Harbor Pilot Disembarking at Bar Pilot Station Liverpool UK
published on 14 February 2020 - 548
After almost four hours of work to safely guide and assist the Ship's Captain in navigating the vessel out from Liverpool's Royal Seaforth Container/Roro Terminal (RSCT) in Liverpool UK, the Harbor Pilot disembarks at Bar Pilot Station, a rendezvous point or certain place where a ship should take the Sea/River/Harbor Pilot on and off. In this video, the Pilot disembarked at the Starboard side (right side), lee side of the vessel which is the normal practice. The term "lee side" means away or that is sheltered from the wind. The vessel should slow down and maneuver safely to place the vessel to the lee side. Pilots usually advised the Captain of the approximate speed and heading required for this critical phase of ship handling and operation. The ship Captain, being the top in command, is on the bridge navigation deck to oversee, handle and assess safe operation. Good communication is a vital key to this operation. He/She should communicate with the Deck Officer in order for the Deck Ratings to prepare all the equipment and of course the "Pilot ladder" for safe disembarkation. The Captain should communicate with the Pilot boat as well. He/she should also confirm with the Deck Officer that the ladder has been properly checked and rigged as per instruction/recommendation from the Pilot. He/She should also communicate with the Engine room that the Pilot is about to disembark, and upon leaving the vessel, the Deck Officer should report to the Captain that the Pilot has safely disembarked, take note of the time as this is usually included in some of the ship reporting which is to be done later on, the Captain notifies the Engine room of the actual time of Pilot disembarkation. After a safe Pilot disembarkation, the Deck Ratings should secure the Pilot ladder for sea passage, other equipment used and also the Pilot door opening, if there is any. All of this operation should be done with the utmost care, as SAFETY is the top priority onboard.
Article The 5th new pilot vessel launched for Liverpool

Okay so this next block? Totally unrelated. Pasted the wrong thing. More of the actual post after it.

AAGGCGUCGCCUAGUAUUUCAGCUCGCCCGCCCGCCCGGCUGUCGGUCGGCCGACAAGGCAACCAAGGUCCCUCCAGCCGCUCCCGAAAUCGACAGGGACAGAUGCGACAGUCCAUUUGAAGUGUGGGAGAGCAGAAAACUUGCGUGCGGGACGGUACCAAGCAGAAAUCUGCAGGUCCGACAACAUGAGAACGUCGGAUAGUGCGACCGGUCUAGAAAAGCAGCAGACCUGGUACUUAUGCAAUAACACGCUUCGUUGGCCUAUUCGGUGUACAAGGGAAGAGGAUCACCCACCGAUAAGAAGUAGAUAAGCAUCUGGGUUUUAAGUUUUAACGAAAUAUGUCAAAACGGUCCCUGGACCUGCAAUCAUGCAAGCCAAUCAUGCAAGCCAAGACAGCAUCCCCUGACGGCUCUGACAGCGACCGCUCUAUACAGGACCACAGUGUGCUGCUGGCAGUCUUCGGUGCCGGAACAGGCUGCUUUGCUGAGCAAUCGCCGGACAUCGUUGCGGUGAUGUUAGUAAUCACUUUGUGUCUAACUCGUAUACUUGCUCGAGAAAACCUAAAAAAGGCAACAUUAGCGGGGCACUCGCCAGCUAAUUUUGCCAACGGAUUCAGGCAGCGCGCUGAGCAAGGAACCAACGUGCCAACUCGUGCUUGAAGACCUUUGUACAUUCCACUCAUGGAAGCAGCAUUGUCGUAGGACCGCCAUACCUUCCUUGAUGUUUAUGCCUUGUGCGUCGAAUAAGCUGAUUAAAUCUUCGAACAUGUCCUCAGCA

by Marine-Pilots.com - published on 15 September 2020
Video Bulk Carrier sailing from Liverpool Docks stern-first
Opinion New guidance for PBAs with trapdoors. Released 4.11.2020 by NZMPA
by New Zealand Maritime Pilot's Association - published on 6 November 2020
New guidance for PBAs with trapdoors. Released 4.11.2020 at NZMPA Conference in Dunedin, NZ. Distinct difference to suggestions in many other countries, is that we challenge operators who have the ladder suspended from the accommodation ladder (gangway) and not secured to the ship. SOLAS states that pilot ladder shall be secured to the ship, and securing strongpoints, shackles and ropes shall be as strong as the sideropes.
Video Crazy Pilot Boarding when the vessel is rolling heavy
Video Discussing video: Pilot Transfer to Ship by Helicopter
Article Combinations Ladders: "1,000 combinations around" (by Arie Palmers)
by Arie Palmers, Netherlands - published on 13 July 2020
Video AIS track of MILANO BRIDGE on 6 April 2020 (Busan port)
According to AIS past track data, the vessel was obviously too fast on 9 knots and also going down the wind (4-5 bft., take a look at the exhaust from the stack) when entered the inner harbour considering the size and displacement. That speed was approximate 3 ship lengths to the pier and there was the on pier wind after the turn.
Why the ship entered the port so fast will be the subject of the investigations to be awaited.
Knowing South Korea procedures there will be no just marine accident but also a criminal investigation into the accident.
Luckily no human serious casualties occurred.
Watch also (video of the accident)
Unofficial internal company timeline report
Video Frontal collision between two vessels on Welland Canal yesterday (Canada)
Found on YouTube. Created by "Welland Memes TV".
An investigation is underway following a collision between "Florence Spirit" and "Alanis" in the Welland Canal.
The incident occurred around 4 p.m. Saturday near Port Robinson when the dry bulk cargo ship "Alanis", which was carrying windmill parts to Duluth, Minnesota, collided during a passing maneuver with the "Florence Spirit", which was carrying coal on its way to Quebec.
According to the "Welland Tribune", the Florence Spirit was heading down the canal while the MV Alanis was heading up the canal just south of Port Robinson when the accident happened.
A St. Lawrence Seaway Management Corporation official told the Tribune that the two vessels collided starboard side to starboard side, adding that the Florence Spirit sustained more damage because it was sitting lower in the water.
The Alanis was carrying windmill parts to Deluth, Minnesota, and the Florence Spirit was carrying coal to Quebec.
No one was injured in the crash and no cargo was spilled.
The collision did not interrupt traffic on the canal.
Both ships were towed to two different locations. The Alanis is currently docked at Port Colborne while the Florence Spirit is docked in Thorold.
We're working to gather more information about the incident.